An American of French and Austro-Hungarian extraction, Vivian bounced between Europe and the United States before coming back to New York City in 1951. Having picked up photography just two years earlier, she would comb the streets of the Big Apple refining her artistic craft. By 1956 Vivian left the East Coast for Chicago, where she’d spend most of the rest of her life working as a caregiver.
In her leisure, Vivian would shoot photos that she zealously hid from the eyes of others. Taking snapshots into the late 1990s, Maier would leave behind a body of work comprising over 100,000 negatives. Additionally, Vivian’s passion for documenting extended to a series of homemade documentary films and audio recordings.”
About the artist: Bea Nettles creates carefully constructed images using various alternative photographic techniques. Her work is a fusion of craftsmanship and photography, incorporating a diverse array of tools and materials such as fabric and stitching, instamatic cameras, book formatting, hand-applied color, and manually-coated photographic emulsions.
Within her imagery, she invokes metaphors that relate to significant phases in women’s lives, frequently reflecting autobiographical elements. Her primary themes draw inspiration from mythology, family, motherhood, location, landscapes, dreams, the aging process, and the relentless passage of time.
From the IPHF: “The exhibition career of Bea Nettles began when her work was shown in ‘Photography Into Sculpture,’ at the Museum of Modern Art in NYC, 1970. Her images have been featured in exhibitions worldwide and regularly reviewed online and in print media; The New York Times, The Chicago Tribune, Art in America, Art Week, Art News, and several photography magazines in the USA, Italy, Portugal, Australia, England and France.”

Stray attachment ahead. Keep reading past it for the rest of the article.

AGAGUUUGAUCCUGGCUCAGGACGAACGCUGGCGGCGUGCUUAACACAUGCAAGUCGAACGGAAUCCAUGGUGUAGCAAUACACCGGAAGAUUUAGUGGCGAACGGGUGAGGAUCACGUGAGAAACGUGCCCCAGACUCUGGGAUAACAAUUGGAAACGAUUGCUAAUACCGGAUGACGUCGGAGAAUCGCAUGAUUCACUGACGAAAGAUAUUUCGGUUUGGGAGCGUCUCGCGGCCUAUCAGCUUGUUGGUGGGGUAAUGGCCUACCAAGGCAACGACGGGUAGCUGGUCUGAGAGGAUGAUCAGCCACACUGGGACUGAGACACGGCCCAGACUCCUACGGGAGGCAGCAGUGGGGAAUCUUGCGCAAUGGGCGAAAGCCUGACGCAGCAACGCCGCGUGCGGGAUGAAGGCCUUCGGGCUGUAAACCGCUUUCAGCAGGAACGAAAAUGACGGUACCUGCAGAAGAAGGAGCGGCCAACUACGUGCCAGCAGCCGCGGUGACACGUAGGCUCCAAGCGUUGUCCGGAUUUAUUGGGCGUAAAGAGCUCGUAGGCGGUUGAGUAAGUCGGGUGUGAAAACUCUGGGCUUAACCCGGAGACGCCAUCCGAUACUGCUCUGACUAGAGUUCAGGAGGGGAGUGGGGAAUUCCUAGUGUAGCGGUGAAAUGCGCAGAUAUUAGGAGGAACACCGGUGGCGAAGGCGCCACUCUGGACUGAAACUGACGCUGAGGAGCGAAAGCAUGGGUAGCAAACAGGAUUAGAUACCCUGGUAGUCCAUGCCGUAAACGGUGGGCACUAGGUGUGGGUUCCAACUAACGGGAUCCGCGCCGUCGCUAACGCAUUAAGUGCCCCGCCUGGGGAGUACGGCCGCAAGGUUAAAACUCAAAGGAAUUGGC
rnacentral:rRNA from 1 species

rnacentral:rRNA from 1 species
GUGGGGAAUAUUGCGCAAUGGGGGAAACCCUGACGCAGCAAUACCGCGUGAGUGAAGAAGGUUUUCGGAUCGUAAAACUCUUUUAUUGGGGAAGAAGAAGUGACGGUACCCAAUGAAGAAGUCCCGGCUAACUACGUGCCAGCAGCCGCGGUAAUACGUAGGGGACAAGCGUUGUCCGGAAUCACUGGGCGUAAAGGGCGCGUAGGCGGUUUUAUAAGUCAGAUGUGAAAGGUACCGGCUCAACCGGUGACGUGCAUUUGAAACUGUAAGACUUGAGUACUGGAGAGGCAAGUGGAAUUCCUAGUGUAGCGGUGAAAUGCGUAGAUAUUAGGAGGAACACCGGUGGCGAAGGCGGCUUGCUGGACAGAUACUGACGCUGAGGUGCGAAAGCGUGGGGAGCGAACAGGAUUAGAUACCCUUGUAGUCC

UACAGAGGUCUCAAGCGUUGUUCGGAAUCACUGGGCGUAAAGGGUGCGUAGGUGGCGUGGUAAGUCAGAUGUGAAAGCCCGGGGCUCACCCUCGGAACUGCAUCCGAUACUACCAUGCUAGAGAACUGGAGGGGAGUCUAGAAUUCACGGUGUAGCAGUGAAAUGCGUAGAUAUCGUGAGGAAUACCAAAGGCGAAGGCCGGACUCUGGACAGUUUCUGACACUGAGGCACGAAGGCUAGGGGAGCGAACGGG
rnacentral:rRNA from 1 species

About the artist: Matika Wilbur, from the Swinomish and Tulalip communities along the coastal regions of Washington, is a social documentarian and photographer. Her fourth major creative undertaking, known as Project 562, is a crowdfunded initiative aimed at personally visiting, engaging with, and photographing individuals from more than 562 sovereign Tribal Nations across North America. This project serves as a platform to uplift and celebrate Native American identity and culture.
She co-hosts the All My Relations podcast with Dr. Adrienne Keene. It provides a platform for guests to delve into topics that address the challenges confronting Native peoples in the present and to explore the interconnected relationships between land, non-human relatives, and individuals. Wilbur has also delivered more than 300 keynote speeches at prestigious institutions such as Harvard, Yale, Berkeley, Google, TED Talks, and the National Education Association. Additionally, she holds the title of National Geographic Explorer.
From the IPHF: “Matika began her career in fashion and commercial work in Los Angeles after completing the prestigious Brooks Institute of Photography. Though in high demand professionally, Matika realized that she wanted a different path as a photographer: to create portrait art that deeply communicated people’s lives and experiences. She was especially drawn to remarkable personalities from the nation’s indigenous communities, who typically in massive media and the popular consciousness have been grossly neglected or stereotyped.
Matika chose to devote herself to photography as a creator and messenger, soon producing multiple acclaimed exhibitions in leading museums and other venues of her striking portraits of Pacific Northwest and other Native peoples.”